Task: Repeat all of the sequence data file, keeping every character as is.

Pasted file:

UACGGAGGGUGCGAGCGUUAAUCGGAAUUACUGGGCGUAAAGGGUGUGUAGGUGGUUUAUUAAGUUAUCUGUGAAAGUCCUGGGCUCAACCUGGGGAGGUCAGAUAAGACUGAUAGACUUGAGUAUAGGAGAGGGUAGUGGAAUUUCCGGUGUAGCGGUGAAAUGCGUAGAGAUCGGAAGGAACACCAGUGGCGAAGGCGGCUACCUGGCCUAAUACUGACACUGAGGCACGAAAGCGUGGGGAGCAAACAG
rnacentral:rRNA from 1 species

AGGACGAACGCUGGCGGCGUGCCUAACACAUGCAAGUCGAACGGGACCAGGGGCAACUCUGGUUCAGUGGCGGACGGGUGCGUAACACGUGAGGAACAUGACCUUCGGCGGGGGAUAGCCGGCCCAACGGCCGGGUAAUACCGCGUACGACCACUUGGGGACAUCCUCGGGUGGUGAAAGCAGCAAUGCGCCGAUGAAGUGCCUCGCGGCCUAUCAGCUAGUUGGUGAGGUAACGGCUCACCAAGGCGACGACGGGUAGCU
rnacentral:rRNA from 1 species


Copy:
UACGGAGGGUGCGAGCGUUAAUCGGAAUUACUGGGCGUAAAGGGUGUGUAGGUGGUUUAUUAAGUUAUCUGUGAAAGUCCUGGGCUCAACCUGGGGAGGUCAGAUAAGACUGAUAGACUUGAGUAUAGGAGAGGGUAGUGGAAUUUCCGGUGUAGCGGUGAAAUGCGUAGAGAUCGGAAGGAACACCAGUGGCGAAGGCGGCUACCUGGCCUAAUACUGACACUGAGGCACGAAAGCGUGGGGAGCAAACAG
rnacentral:rRNA from 1 species

AGGACGAACGCUGGCGGCGUGCCUAACACAUGCAAGUCGAACGGGACCAGGGGCAACUCUGGUUCAGUGGCGGACGGGUGCGUAACACGUGAGGAACAUGACCUUCGGCGGGGGAUAGCCGGCCCAACGGCCGGGUAAUACCGCGUACGACCACUUGGGGACAUCCUCGGGUGGUGAAAGCAGCAAUGCGCCGAUGAAGUGCCUCGCGGCCUAUCAGCUAGUUGGUGAGGUAACGGCUCACCAAGGCGACGACGGGUAGCU
rnacentral:rRNA from 1 species